Jacqui Saburido, face of famous anti-drunk driving campaign, dies

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Jacqui Saburido, the woman who became the face of anti-drunk driving campaign after a 1999 crash left her with third-degree burns, had died, the Texas Alcoholic Beverage Commision confirmed on Monday.

In 1999, Saburido took a break from college in her native Caracas, Venezuela, to come to the United States to learn English. She had only been in the U.S. for about a month when she was coming home from a birthday party on Sept. 19 and her friend’s car was struck by 18-year-old Reggie Stephey, who had been drinking.

Stephey drifted across the road’s center stripe and struck the car head-on — killing two of the passengers instantly.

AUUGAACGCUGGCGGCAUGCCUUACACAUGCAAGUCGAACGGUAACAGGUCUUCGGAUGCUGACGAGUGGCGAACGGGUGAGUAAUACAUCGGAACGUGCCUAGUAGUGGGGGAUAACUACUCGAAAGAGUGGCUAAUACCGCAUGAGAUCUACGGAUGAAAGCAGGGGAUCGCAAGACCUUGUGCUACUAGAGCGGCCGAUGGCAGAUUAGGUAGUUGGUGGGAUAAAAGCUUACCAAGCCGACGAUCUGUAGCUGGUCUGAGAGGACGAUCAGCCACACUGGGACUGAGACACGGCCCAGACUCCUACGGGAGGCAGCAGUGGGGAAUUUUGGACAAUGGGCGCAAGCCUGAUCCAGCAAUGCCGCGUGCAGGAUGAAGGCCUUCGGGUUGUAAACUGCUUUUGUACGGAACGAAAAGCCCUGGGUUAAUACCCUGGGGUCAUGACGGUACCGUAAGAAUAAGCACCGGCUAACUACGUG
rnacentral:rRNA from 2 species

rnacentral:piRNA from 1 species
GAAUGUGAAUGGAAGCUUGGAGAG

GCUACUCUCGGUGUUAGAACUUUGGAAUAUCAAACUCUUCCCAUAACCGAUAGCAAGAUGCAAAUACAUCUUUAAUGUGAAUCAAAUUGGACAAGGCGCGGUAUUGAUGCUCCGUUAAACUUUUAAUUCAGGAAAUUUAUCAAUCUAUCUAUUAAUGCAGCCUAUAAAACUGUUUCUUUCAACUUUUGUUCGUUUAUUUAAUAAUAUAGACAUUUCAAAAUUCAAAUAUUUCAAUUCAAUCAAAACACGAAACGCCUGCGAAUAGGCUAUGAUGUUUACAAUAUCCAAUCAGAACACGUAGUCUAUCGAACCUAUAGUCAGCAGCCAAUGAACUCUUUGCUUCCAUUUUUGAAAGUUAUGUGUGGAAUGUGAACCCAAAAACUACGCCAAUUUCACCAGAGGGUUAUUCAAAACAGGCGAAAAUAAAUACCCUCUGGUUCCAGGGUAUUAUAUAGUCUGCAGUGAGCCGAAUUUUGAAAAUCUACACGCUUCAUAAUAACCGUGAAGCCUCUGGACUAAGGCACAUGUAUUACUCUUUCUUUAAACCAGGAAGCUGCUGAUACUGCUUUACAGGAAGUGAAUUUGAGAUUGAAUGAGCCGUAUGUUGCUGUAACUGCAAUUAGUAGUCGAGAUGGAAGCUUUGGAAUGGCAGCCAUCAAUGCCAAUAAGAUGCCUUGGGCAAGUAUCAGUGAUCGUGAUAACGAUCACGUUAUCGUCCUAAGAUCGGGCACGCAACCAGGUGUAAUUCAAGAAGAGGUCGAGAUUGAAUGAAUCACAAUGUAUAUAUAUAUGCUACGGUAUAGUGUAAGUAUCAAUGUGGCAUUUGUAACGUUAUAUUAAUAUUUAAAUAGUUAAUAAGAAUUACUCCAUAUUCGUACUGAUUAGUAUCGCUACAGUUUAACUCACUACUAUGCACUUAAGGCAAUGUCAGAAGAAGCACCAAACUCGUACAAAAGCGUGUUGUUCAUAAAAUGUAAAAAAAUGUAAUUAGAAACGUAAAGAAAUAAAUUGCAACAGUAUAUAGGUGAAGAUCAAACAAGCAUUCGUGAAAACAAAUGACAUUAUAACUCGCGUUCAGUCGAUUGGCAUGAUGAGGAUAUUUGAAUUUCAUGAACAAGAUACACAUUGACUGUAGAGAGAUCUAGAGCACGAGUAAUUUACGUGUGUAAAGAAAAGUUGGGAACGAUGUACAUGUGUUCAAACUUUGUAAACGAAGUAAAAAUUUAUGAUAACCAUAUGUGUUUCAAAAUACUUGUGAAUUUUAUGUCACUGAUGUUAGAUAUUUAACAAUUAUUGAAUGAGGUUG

Saburido survived but nearly burned to death when the car caught fire.
Stephey, a high school senior of Austin, was convicted of two counts of intoxication manslaughter and sentenced to seven years in prison — he was released in 2008.

Jacqui, meanwhile, suffered extensive third-degree burns that left her blind, melted off her hair, and resulted in the loss of her ears, lips, nose and eyelids. She also lost use of her hands. She was not expected to survive.

Since the crash, she underwent over 100 operations and at one point, her medical bills totaled up to $5 million — a price tag she faced without health insurance. She died of cancer in Guatemala.

Jacqui spent most of the rest of her life advocating for the Texas Department of Transportation’s campaign urging people not to drink and drive. She appeared on “The Oprah Winfrey Show” twice and it is estimated that at least one billion people have heard her story. 

During a press conference, she once said: 

“Even if it means sitting here in front of a camera with no ears, no nose, no eyebrows, no hair, I’ll do

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